Quick Note to Objectivists on Participation in the Electoral Process
January 4, 2012 by Paul McKeever
This Repub field and the results from Iowa just prove that it’s still much too early for politics. Lots of educational work still to do…
It was an echo of a comment expressed by Ayn Rand shortly after the failure of the Goldwater campaign in the 1964 presidential election, and that sentiment got a few nods from the fanpage’s presumably Objectivist fans. That is not unexpected: many Objectivists, on the basis of what Rand wrote, and on the basis of what they think she meant by it, routinely state that “it’s too early” for participation in politics, or that “it’s earlier than you think”.
As I see it, Rand did not intend that Objectivists vacate participation in electoral or party politics, and I find it a galling cop-out when Objectivists poo poo any invitation to get involved in electoral politics. The usual response is that now is the time for education, as though education and electoral politics were mutually exclusive exercises, and as though most Objectivists are actually involving themselves in teaching in lieu of political action. The truth, for perhaps 99% of Objectivists, is that they are not involved in either. Too many, in a manner not unlike the libertarians, are in practice just curling up in a ball, navel gazing about ideal societies, re-reading Atlas Shrugged, and moaning “what a pity”. Well, something’s a pity, alright.
When time permits, I intend to write a more detailed piece about what Rand wrote, and what she meant by it, in context. In the interim, I below reproduce my response to the Objectivist gentleman’s recent facebook comment. I’ll just add that his comment was no more qualified or detailed than the quotation of it I make above. Accordingly, I cannot know, from that comment alone, whether or not he was implying that Objectivists should not participate in electoral politics. My response is less a response to his views on the subject, and more a response to those Objectivists who would take his statement to be confirmation that they can and should continue to remain uninvolved in electoral politics. And now, without further ado, my reply:
I disagree. Contrary to popular belief, most people do not vote for candidates they like: they vote instead for whoever is most likely to beat a front-runner they are told they shouldn’t like. What we’re all witnessing is not the popularity of any candidate’s policies or morality, but a prevalence of strategic voting based upon perceptions of who is “leading” or “out in front” in a “race”. Consequently: election results are *not* an indicator of the explicitly identified political or moral positions of the public. They are, instead, an indicator of the majority’s political/economic incompetence and of low self-esteem: a voter follows the crowd, figuring that the crowd must understand and know something that he does not.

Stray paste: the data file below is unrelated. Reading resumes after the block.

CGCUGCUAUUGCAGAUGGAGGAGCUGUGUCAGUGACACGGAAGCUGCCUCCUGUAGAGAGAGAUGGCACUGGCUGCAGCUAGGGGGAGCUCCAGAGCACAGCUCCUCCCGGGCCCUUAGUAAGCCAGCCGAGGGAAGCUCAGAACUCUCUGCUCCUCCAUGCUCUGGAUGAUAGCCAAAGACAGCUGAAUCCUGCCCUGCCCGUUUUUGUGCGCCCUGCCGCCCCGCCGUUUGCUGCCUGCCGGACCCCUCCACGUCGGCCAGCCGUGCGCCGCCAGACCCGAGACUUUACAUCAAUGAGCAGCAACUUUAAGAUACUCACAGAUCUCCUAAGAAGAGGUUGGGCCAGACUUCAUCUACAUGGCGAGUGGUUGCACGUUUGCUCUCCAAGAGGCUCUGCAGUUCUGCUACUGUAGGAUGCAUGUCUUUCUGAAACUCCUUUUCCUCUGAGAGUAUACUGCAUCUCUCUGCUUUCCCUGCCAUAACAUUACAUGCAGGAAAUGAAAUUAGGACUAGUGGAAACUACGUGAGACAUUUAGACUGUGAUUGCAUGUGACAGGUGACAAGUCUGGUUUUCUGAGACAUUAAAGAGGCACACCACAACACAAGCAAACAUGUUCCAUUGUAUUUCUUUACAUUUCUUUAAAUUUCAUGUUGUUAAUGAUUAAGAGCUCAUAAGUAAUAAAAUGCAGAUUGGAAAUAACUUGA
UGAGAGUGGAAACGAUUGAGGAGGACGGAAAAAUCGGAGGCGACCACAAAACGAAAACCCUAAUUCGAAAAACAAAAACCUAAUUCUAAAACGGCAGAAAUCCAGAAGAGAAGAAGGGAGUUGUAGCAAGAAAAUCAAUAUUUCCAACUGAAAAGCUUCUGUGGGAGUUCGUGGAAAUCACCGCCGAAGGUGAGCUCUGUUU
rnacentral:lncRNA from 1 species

Knowing that, the principal tools in any election – prior to voting day – are: push polls and journalistic spin. Policies, talent, insight etc. are not what wins an election (or, as former Prime Minister of Canada Kim Campbell once insightfully quipped: “An election is no time to talk about policies”). On voting day, the principle tool is: an army of people, on the ground, getting people off of their butts and into the voting booth/process (aka, “Get Out The Vote” or GOTV).
Experts run – and win – elections not by crafting clever policy, but by conjuring up worries and doubts…much like filling the public’s minds with fears that Reardon metal “could” crack under strain, or that “it cannot be ruled out” that it will twist or warp, etc.. Similarly, one needed merely state that Goldwater “might” start an atomic war, or that it cannot be ruled out. One airing of one commercial might even suffice: http://www.youtube.com/watch?v=ExjDzDsgbww
Democratic Party Election Commercial, 1964
The role of a candidate or political party is not to educate that public – that much is true. But – as Yaron Brook (head of the Ayn Rand Institute) himself indicated in his interview with Amy Peikoff – Objectivists should not leave elections to non-Objectivists; they should not vacate the field. They should acknowledge the nature of the customers we call voters, acknowledge the way they vote, stay honest but not off-putting, and – as a defence of their own life, liberty, and property and for the defence of that of those they value – they should attempt to win seats. The alternative – leaving political activity to the evil – is akin to handing ones would-be murderer ones own gun, similar to offering up ones wrists and ankles to a slave master’s chains, and tantamount to unlocking ones own home to assist would-be thieves.
Fight, god damn it.